Social Psychology


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    Gender, Genes,
       & Culture

Consider Gender

    Ψ  Gender: The characteristics, whether biologically or socially influenced, by which people define male & female.

    Ψ  "Of the 46 chromosomes in the human genome, 45 are unisex." So males are quite similar to females; however, its the differences that make the difference.

Consider Gender Differences

    Ψ  Independence versus connectedness
        •  Women have more empathy than men
         •  Women, more than men, give priority to close, intimate relationships

    Ψ  Social dominance: Men are socially dominant everywhere.

    Ψ  Aggression
        •  Men are more likely to inflict an injury
         •  Women are slightly more likely to commit an aggressive act

    Ψ  Sexuality
        •  There is a gender gap in sexual attitudes & assertiveness
         •  The difference in sexual attitudes carries over to sexual behavior. Cross-culturally
             "males are more likely than females to initiate sexual activity", Segall et. al. (1990)

Evolution & Gender

Gender & Mating Preferences

    •  Women seek to reproduce wisely, men widely.
     •  Nature selects traits that help send one's genes into the future.
      •  Men will strive to offer what women will desire: external resources &
          physical protection.
        •  There are gender preference similarities, both men & women desire kindness,
             love, & mutual attraction.

Gender & Hormones

    Ψ  It seems that sex hormones, mainly testosterone, are a key element in gender differences. Testosterone both influences masculine features & aggressiveness. Violent male criminals generally have much higher testosterone levels. Most males seem to become much less aggressive as they grow older & testosterone levels drop.

Reflections on Evolutionary Psychology

    Ψ  There are two problems with Evolutionary Psychology: hindsight bias & cultural socialization.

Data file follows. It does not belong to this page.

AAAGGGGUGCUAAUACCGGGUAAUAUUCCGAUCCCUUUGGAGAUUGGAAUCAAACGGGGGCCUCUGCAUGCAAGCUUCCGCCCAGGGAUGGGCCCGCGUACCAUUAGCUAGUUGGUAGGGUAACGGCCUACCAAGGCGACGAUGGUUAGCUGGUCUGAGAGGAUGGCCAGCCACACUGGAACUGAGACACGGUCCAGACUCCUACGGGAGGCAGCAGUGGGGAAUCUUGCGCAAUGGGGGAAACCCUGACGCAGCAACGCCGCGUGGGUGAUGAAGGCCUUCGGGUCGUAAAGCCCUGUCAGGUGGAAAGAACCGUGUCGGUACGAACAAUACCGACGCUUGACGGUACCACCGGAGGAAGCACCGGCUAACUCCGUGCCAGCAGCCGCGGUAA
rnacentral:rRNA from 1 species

•  Hindsight bias is an attempt to explain behavior by examining history & working backward to find an explanation for this behavior, e.g., if we were to say women are stronger & aggressive than in hindsight we can say that this is because women needed to be this way in order to protect their young (Myers, 2004).
    •  Evolution cannot on its own predict cultural variations in behavior through time even though cultural socialization tests evolutionary predictions through the utilization of cross-cultural & animal behavior observations, as well as hormonal & genetic studies.

Culture & Gender

    Ψ  Culture can be defined as the ideas, behaviors, attitudes & traditions that have been passed within a group through generations. Within a culture there are certain behavioral expectations.

    Ψ  Gender Role: A set of behavioral expectations (norms) for males or females.

    Ψ  The variety of gender roles across cultures & over time shows that culture indeed constructs our gender roles.

Gender Roles Vary with Culture & Time

    Ψ  Gender roles have gone through dramatic times in the last part of the century, e.g. in 1938 only 1 out of 5 Americans agreed that a married woman could earn money in the industry & business fields. However, in 1996 a remarkable 4 out of 5 Americans approved of women working in these fields proving that time has greatly influenced changes in American culture. Today, we more or less expect women to work outside the home. It is evident that the culture has shifted.

Conclusions: Biology & Culture - Nature & Nurture

    Ψ  Biology & culture both play a role in how are attitudes & behaviors are affected. Genetics may predispose us to behave a certain way, but culture may accentuate these behaviors. There is an interaction between biological & cultural (nature & nurture) influences in that the effects of biology are dependent on the environment.

Social Psychology
  Robert C. Gates